The steps on Verner Suomi's path to becoming a research scientist are examined. We argue that his research style—his natural interests in science and engineering, and his methodology in pursuing answers to scientific questions—was developed in his youth on the Iron Range of northeastern Minnesota, as an instructor in the cadet program at the University of Chicago (U of C) during World War II and as a fledgling academician at University of Wisconsin—Madison. We examine several of his early experiments that serve to identify his style. The principal results of this study are 1) despite austere living conditions on the Iron Range during the Great Depression, Suomi benefited from excellent industrial arts courses at Eveleth High School; 2) with his gift for designing instruments, his more practical approach to scientific investigation flourished in the company of world-class scientific thinkers at U of C; 3) his dissertation on the heat budget over a cornfield in the mid-1950s served as a springboard for studying the Earth–atmosphere energy balances in the space-age environment of the late 1950s; and 4) his design of radiometers—the so-called pingpong radiometer and its sequel, the hemispheric bolometer—flew aboard Explorer VI and Explorer VII in the late 1950s, and analysis of the radiances from these instruments led to the first accurate estimate of the Earth's mean albedo.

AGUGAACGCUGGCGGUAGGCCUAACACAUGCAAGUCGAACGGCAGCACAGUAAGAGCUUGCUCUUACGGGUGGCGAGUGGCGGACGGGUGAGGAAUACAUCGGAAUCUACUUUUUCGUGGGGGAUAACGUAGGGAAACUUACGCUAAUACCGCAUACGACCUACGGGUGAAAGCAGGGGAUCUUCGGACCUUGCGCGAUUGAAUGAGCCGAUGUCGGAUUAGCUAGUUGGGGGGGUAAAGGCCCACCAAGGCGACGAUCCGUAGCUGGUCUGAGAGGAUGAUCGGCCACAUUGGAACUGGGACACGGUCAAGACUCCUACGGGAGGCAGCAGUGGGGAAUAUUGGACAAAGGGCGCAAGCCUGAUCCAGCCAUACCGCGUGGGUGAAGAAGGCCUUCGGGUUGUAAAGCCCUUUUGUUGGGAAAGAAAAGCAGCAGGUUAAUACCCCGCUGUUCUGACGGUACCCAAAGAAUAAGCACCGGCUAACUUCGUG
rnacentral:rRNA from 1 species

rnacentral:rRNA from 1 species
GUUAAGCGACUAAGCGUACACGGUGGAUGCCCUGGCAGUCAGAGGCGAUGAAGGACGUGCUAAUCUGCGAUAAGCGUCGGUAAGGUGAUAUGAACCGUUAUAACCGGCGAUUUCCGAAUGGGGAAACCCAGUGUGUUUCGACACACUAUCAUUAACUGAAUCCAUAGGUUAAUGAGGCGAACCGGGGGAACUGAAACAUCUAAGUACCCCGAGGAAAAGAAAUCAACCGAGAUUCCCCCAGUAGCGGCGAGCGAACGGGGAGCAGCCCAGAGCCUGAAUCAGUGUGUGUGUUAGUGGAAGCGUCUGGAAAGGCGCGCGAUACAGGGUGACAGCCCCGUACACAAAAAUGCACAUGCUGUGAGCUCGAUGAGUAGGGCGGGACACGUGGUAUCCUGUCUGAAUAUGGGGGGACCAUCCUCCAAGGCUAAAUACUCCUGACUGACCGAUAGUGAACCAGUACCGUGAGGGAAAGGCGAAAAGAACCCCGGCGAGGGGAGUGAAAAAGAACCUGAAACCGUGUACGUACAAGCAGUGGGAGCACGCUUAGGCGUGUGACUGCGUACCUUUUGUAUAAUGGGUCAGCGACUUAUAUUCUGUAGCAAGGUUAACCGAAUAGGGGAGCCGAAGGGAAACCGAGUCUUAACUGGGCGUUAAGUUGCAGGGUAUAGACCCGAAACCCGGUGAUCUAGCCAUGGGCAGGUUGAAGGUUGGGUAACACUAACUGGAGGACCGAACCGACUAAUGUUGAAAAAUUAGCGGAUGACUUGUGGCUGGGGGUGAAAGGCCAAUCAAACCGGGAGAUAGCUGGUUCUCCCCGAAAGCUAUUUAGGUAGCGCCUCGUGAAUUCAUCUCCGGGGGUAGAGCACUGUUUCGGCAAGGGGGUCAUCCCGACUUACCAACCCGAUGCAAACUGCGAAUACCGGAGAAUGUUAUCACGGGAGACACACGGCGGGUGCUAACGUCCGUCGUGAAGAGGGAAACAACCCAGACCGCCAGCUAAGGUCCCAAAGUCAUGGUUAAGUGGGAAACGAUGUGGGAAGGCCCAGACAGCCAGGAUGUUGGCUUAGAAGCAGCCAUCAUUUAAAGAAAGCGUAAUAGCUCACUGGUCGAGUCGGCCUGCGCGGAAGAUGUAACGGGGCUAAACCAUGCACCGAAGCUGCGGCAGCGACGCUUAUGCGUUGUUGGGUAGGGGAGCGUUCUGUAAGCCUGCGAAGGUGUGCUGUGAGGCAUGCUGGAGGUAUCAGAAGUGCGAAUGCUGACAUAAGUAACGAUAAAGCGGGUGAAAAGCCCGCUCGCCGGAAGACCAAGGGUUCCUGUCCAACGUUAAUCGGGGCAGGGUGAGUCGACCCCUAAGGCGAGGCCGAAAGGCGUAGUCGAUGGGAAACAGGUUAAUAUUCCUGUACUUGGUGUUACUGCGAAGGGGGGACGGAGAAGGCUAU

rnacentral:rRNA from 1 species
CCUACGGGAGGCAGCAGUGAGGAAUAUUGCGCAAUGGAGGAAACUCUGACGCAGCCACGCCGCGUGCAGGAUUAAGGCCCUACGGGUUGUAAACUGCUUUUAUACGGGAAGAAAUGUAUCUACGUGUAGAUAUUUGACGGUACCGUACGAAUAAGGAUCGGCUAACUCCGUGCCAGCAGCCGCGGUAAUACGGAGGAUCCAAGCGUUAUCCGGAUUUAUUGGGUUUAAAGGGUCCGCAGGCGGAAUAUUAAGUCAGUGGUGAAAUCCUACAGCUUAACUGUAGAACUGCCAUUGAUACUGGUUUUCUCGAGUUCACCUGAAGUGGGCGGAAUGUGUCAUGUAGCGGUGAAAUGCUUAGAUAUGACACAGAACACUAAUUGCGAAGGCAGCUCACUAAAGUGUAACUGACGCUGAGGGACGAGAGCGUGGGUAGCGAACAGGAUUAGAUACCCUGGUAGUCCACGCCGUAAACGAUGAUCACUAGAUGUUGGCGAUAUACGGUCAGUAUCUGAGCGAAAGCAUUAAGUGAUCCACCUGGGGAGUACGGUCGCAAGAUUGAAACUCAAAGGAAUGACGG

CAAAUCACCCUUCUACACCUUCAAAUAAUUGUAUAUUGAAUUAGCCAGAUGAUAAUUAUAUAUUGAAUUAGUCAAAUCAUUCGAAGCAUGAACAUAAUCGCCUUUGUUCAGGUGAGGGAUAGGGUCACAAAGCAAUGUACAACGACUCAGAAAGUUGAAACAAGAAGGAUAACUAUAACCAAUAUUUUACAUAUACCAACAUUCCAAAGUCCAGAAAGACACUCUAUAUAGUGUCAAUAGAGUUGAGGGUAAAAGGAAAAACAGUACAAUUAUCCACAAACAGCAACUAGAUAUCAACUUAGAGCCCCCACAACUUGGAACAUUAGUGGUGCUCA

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Footnotes

National Severe Storms Laboratory, Norman, Oklahoma

Space Science and Engineering Center, University of Wisconsin—Madison, Madison, Wisconsin

Desert Research Institute, Reno, Nevada

*Desert Research Institute, Reno, Nevada

+Space Science and Engineering Center, University of Wisconsin—Madison, Madison, Wisconsin